The standard of care, according to Dr. Kleier, requires identification of the cystic duct with absolute certainty before transection, a standard Dr. Kleier maintained Dr. Kowalski breached. Drawing upon guidelines issued by the Society of American Gastrointestinal and Endoscopic Surgeons, Dr. Kleier testified that Dr. Kowalski failed to meticulously dissect Wipf's anatomy and failed to properly achieve the critical view. Dr. Kleier also testified that Dr. Kowalski did not properly retract the gallbladder during the procedure, thus obscuring her view, and failed to either perform a confirmatory cholangiogram or convert to an open procedure.

Dr. Scott Peckler, a general surgeon and one of Dr. Kowalski's experts, disagreed with Dr. Kleier's conclusion that Dr. Kowalski had breached the standard of care. Dr. Peckler testified that no method of identification, including the critical view, is free of potential risks or errors. He explained that a surgeon is required to satisfy himself that he has correctly identified the relevant anatomical structures, and according to Dr. Peckler, that is what Dr. Kowalski did. She used three of four available identification techniques: (1) the "infundibular" technique, which involves stripping off tissue to identify the cystic duct; (2) the critical view, which Dr. Peckler described as dissecting out an anatomical structure called the Triangle of Calot;*fn2 and (3) dissecting the cystic duct in order to perceive it merging with the common hepatic duct to form the common bile duct.In contrast to Dr. Kleier's position, Dr. Peckler opined that the standard of care did not require Dr. Kowalski to perform a cholangiogram-a procedure that he testified would have entailed its own risks. Another surgeon and expert for the defense, Dr. Abecassis, though primarily testifying about the corrective procedures Wipf underwent, seconded Dr. Peckler's opinion that Dr. Kowalski complied with the standard of care by using accepted procedures to satisfy herself it was the cystic duct that she was about to transect.

II. Discussion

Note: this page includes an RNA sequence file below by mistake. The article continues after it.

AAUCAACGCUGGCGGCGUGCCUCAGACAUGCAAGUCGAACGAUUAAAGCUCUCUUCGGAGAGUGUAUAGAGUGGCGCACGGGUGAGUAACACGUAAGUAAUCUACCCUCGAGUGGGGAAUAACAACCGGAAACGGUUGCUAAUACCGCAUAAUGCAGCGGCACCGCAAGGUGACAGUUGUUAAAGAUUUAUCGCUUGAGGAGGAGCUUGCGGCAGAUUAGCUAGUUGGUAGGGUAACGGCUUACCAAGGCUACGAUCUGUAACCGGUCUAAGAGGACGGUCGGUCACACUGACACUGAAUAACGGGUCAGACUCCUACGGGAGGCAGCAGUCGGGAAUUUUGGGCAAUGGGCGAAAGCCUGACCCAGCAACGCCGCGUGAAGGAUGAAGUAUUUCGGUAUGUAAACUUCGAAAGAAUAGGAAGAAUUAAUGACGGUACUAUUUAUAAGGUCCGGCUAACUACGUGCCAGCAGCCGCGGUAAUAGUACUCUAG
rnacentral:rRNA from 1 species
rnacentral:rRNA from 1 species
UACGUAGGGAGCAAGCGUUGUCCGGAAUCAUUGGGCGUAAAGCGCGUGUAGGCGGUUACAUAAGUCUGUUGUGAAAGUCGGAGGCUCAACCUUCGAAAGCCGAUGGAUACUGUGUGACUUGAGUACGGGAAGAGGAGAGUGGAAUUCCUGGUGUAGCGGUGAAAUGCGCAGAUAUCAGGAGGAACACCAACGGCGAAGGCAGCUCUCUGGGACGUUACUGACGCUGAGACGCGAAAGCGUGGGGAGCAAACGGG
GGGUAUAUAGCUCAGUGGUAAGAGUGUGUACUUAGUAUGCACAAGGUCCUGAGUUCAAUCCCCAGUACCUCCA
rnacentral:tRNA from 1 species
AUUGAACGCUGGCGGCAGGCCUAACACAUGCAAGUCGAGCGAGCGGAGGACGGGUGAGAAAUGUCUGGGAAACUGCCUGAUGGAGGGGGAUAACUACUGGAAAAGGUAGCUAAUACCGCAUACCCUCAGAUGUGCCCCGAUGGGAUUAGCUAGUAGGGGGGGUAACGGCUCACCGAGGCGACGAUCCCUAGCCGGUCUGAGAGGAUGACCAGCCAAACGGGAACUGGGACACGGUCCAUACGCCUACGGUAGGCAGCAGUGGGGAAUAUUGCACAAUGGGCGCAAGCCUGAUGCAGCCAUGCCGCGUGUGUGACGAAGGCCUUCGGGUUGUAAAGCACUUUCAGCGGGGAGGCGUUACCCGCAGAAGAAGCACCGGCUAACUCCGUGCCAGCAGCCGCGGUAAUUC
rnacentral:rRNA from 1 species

Wipf's primary argument on appeal is that the jury's verdict is against the manifest weight of the evidence and therefore she is entitled to a new trial. On appeal the trial court's denial of Wipf's motion for a new trial is reviewed for abuse of discretion. Davis v. Wis. Dep't of Corr., 445 F.3d 971, 979 (7th Cir. 2006); Neal v. Newspaper Holdings, Inc., 349 F.3d 363, 368 (7th Cir. 2003); Latino v. Kaizer, 58 F.3d 310, 314 (7th Cir. 1995). Wipf bears the heavy burden of showing the district court's denial of her motion was unreasonable. See Kapelanski v. Johnson, 390 F.3d 525, 530 (7th Cir. 2004); Smith v. Ne. Ill. Univ., 388 F.3d 559, 569 (7th Cir. 2004). We review the evidence in the light most favorable to the prevailing party and will uphold the jury's verdict if a reasonable basis in the record supports it. Kapelanski, 390 F.3d at 530.

Under Illinois law, a plaintiff bringing a medical negligence/medical malpractice action has the burden of proving: "(1) the proper standard of care for the defendant physicians; (2) an unskilled or negligent failure to comply with the appropriate standard; and (3) a resulting injury proximately caused by the physicians' failure of skill or care." Jinkins v. Evangelical Hosps. Corp., 783 N.E.2d 123, 126-27 (Ill. App. Ct. 2002) (citing Purtill v. Hess, 489 N.E.2d 867, 872 (Ill. 1986)); Walski v. Tiesenga, 381 N.E.2d 279, 282 (Ill. 1978). Generally, these elements must be established through expert testimony. See Addison v. Whittenberg, 529 N.E.2d 552, 556 (Ill. 1988). In this case, Wipf attempted to persuade the jury that the standard of care required absolute certainty in the identification of the biliary anatomy and that this standard is always violated when a surgeon misidentifies and cuts the wrong duct. The jury's acceptance of Dr. Kleier's testimony was critical for her to prevail on these points; he opined that all injuries like Wipf's result from negligence per se.

Of course, Dr. Kleier's was not the only expert testimony about the standard of care that the jury heard. Dr. Peckler agreed surgeons must be certain about anatomy identification but differed from Dr. Kleier as to what "certain" meant in this context. Dr. Peckler explained that a surgeon who uses accepted identification techniques until he has satisfied himself that he has correctly identified the structures to be transected has complied with the standard of care. Dr. Abecassis echoed this view. Both Drs. Peckler and Abecassis emphasized that no single method is without potential risk to the patient. The jury, accepting Dr. Peckler's opinions, reasonably could have found Dr. Kowalski adhered to the standard of care by using several accepted methods of identification and satisfying herself that she had accurately identified the appropriate structures to be transected. Importantly, the evidence established that Wipf's anatomy contained certain irregularities that made the identification process difficult. Wipf's common bile duct was on the small side-only 3 millimeters in diameter-which made it resemble a cystic duct. Her common bile duct looked like it was entering the gallbladder because it was attached very tightly due to the presence of scar tissue, and the cystic duct was stuck behind the gallbladder out of plain sight. The jury, having heard this evidence and accepting the testimony of the defense experts, reasonably could have concluded that Dr. Kowalski was not negligent.